Linny Blumer AC ’89 is a free spirit. Just after graduating from Smith, she followed her new husband to Russia, where he moved to work for the American Embassy. From there they created a family life in Switzerland and enjoyed plenty of travel. Nine years ago, Blumer, her husband, and her three children left Switzerland and landed in Blumer’s native Brazil, where they decided to buy an inexpensive piece of land and build a home from scratch in the highlands of Fortaleza in the state of Ceará.
“We just bought some big knives and started exploring our land,” says Blumer, who homeschooled her three children.
Today, Blumer has the rare experience of living a remote, rural lifestyle while simultaneously embracing the advantages of such modern technologies as computers and the Internet. She uses Facebook and Skype (voice only, not video), and her children, Werner, 20, Xandra, 19, and Matti, 17, are now in college and high school in the United States.
The AASC asked Blumer to share some of her thoughts on how she manages to blend old and new ways in her homeland of Brazil, a country that has more than “50 indigenous tribes who don’t have any civilization.”
When we left Switzerland and moved to Brazil to set up our small homestead from scratch, I remember my older son saying, “Mommy, I’m bored, there’s nothing to do!” and I said to him, “That is wonderful, you are free, go out and explore the land we just bought. It’s all yours; go find out what trees we have. Find one that I can climb on and look at the view. Go open some trails.”
We brought our computer—a laptop we all shared but was mostly used by my husband for work. We did not have Internet; we had to buy a special cell phone at the time with a modem to connect to the laptop via a special cable, and then find a place on our land at the top of a hill where there was phone reception (very precarious). We literally had to climb trees with the laptop and cell phone in hand to collect our e-mail (strictly text).
Balancing technology with family time
We did not raise our kids with computers, and we still have no landline phone at home. We only use a cell phone when we leave and drive somewhere with reception. Eventually, we bought a computer for the kids to use as a writing tool; we bought encyclopedias and atlases and other such info on discs for them, but we had no Internet connection.
Only after the older children were accepted to a school in the States, and about sixth months before they left for school, were we able to connect to the Internet via radio signal, and eventually got Skype capability. Nevertheless, our youngest son, who left for school in the States in August, only used the computer occasionally. This never kept the kids back academically in any way. They still got information, they were still able to do research, and once they had the Internet available to them they learned very fast. The kids are now totally computer literate—that is something that really doesn’t take too much time to learn.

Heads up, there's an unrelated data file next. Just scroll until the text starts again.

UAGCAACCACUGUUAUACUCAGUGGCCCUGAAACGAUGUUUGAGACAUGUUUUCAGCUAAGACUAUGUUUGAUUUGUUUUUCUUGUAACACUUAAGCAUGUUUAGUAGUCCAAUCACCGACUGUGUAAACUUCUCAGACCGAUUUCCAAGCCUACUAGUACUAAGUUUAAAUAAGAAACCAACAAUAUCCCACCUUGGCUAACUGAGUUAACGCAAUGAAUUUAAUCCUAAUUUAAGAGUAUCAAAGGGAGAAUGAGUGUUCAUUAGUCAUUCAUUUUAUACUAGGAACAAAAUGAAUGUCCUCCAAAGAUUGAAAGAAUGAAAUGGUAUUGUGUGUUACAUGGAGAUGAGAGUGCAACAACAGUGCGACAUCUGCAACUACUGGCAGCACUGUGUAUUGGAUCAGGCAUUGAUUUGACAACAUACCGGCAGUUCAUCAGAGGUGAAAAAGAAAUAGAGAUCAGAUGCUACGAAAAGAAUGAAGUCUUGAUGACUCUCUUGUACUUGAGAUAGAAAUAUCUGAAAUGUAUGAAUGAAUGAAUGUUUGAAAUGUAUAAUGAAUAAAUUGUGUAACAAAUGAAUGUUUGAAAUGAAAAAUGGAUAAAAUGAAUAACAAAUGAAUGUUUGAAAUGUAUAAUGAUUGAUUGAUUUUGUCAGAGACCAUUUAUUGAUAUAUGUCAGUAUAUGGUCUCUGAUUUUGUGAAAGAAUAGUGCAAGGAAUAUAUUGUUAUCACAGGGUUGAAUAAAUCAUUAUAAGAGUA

What takes time to learn are the other things we miss out on when we deprive our kids from learning about values and relationships and our connection to nature. We never bought the kids their own computer or any electronic games. We always shared one computer among us. We never had a TV (no reception here), so we watched occasional movies together and had a lot of discussions, especially during mealtimes, about politics and family issues, our finances, and everything that was going on. We also played a lot of board games when it was raining and we were stuck in the house, often without electricity.
I have nothing against technology; the problem is how we use it, how we overdose on it, and how we deprive ourselves of real life because of it. It’s like teaching a very young child to read and encouraging her or him to sit all day and read, read, read. I have nothing against reading; our kids were raised with books all around them, but it is also important to go outside, to stick your hands in the dirt and plant your garden and eat from it. It’s also important to play ball barefoot, ride the horse bareback, not to be afraid of swimming in the mud hole or jump in a river. It’s important not to be afraid of getting wet by the rain and learning how to go out and deal with people—all types, all ages. We have to be careful not to let technology take over our humanity.
My son was asked to tell his class about himself and where he was from because he was a foreign student, and to tell about how things were different back home. He said that he lived in the countryside where shopping required a 10-kilometer trip into town. He said that when he went to town he knew and greeted everyone—the crazy people, the regular folks, young, old, everyone. That what was hard in the States was not to know most people you are surrounded by, who you live with, and that when people greet each other it’s more of a formality or politeness—people don’t seem to genuinely care how you are because everyone is rushing and too busy.
Weighing the pros and cons of technology
When our donkey broke its leg slipping down a muddy hillside and getting tangled in the brush, having no vet available we consulted with vets all over the world via Internet. We got the help we needed from a donkey sanctuary farm in France and were able to save our donkey. That’s valuable. But when a child sits all day at the computer playing games or making cyber friends over the Internet, that’s not valuable.
I am trying to set up a project with the Kanela-Ramkokamekrá natives at the edge of the Amazon Forest to help them preserve their way of life from the encroachment of the civilized man, which is happening at a frightening speed because of advanced technology.
Learn about Blumer’s experience as a homeschooling parent in “Teaching with a Mom’s Touch” in the Spring 2011 issue of the Quarterly.